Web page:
The month of JULY has been designated as Fibroids Awareness Month in an effort to bring attention to a common health problem among pregnant women. Benign uterine tumors occur in the cavity, the muscle wall, or the surface of the organ, and affect anywhere from 60% to 80% of women, especially Black women. Uterine fibroids may be as little as a seed or as large as a melon.
Not All Women Who Have Fibroids Are Affected
Most women don’t even know they have fibroids, and its etiology is a mystery. On the other hand, some research suggests that the female hormone estrogen may have a role in promoting fibroid development.
There are no symptoms of fibroids in some women, therefore they go undiagnosed. It is during a pelvic exam that a fibroid is often first detected. Several examinations may help verify a fibroid diagnosis:
- Pelvic ultrasound — This radiology examination uses wand-like equipment to inspect the uterus and other pelvic organs more closely. The device creates a pelvic organ picture using sound waves.
- Hysterosalpingogram — A dye is injected into your uterus and fallopian tubes during this X-ray treatment.
- Hysteroscopy — A telescope-like tool is introduced via the vagina into the uterus. This enables the doctor to check for uterine abnormalities.
- Laparoscopy — A laparoscope is introduced via a tiny incision in the belly to examine the abdomen.
Most Common Symptoms Of Fibroids
When fibroids manifest, they may cause a variety of symptoms:
- Pelvic discomfort
- Bleeding heavy
- Between-cycle bleeding
- Urinating often
- Abdominal swelling
- Intercourse or menstrual back discomfort
- Fatigue from heavy periods and bleeding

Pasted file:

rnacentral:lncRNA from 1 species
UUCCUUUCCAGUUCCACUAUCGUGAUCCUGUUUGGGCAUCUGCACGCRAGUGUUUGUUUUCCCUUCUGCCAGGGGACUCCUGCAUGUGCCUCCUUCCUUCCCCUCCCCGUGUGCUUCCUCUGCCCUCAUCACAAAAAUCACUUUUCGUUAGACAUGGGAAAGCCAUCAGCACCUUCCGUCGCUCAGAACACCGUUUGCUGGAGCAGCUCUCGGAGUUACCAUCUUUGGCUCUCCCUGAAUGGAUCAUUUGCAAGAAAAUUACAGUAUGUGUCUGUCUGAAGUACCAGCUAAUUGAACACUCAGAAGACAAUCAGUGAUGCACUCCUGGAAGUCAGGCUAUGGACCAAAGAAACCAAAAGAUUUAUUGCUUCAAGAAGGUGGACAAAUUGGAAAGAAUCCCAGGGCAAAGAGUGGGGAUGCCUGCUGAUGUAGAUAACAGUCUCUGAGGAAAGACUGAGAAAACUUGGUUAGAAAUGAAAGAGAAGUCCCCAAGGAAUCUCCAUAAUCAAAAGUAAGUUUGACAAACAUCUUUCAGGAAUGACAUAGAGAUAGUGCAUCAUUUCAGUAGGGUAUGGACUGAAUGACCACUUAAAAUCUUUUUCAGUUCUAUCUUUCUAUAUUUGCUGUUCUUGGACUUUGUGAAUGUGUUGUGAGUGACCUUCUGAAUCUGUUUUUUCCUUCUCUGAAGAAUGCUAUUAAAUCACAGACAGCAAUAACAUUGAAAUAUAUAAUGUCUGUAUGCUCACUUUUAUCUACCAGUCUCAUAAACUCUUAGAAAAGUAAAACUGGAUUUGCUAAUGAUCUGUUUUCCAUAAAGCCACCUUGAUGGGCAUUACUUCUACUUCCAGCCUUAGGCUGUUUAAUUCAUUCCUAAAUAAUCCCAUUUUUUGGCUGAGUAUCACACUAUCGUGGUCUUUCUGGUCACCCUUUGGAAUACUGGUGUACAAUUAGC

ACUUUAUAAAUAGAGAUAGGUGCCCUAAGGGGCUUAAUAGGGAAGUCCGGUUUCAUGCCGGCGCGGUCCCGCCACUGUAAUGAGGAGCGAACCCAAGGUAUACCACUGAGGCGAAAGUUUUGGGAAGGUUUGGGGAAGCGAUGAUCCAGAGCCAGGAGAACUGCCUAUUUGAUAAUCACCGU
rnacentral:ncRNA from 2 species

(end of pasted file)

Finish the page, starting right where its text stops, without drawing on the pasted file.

- If fibroids restrict fallopian tubes, infertility.
Family History & Aging
A higher risk of fibroids is associated with age, a diet high in refined carbohydrates, alcohol, obesity, and hormonal changes. Growth of fibroids is influenced by estrogen and progesterone, and Black women tend to have larger fibroids than non-Black women. Since fibroid tumors are thought to run in families, close female relatives should have regular tests.
Pregnancy & Fibroids
In pregnancy, because they make it difficult for the baby to change positions, fibroids may lead to preterm labor and breech births. This condition, known as placenta previa, is a rare but serious consequence of uterine fibroids. While many pregnant women have no problems due to their fibroids, between 10 and 30 percent of those who do face difficulties.
The risk of spontaneous miscarriage was increased by having many fibroids, and it was doubled for women who had fibroids from the start (14%).
The risk of postpartum bleeding increases by 60% in early pregnancy if the placenta is situated near the fibroid, but falls to 9% if the fibroid is not near the placenta. Fibroids induce postpartum bleeding. While around one-third of all fibroids form during the first trimester, the vast majority do not. Estrogen, the hormone that causes fibroids, is significantly elevated during pregnancy.
Symptoms, size, and reproductive status all play a role in how fibroids are treated. Modest symptoms may respond to lifestyle changes including diet and exercise, as well as natural herbal remedies.
However, powerful painkillers and hormone medications may be necessary for women with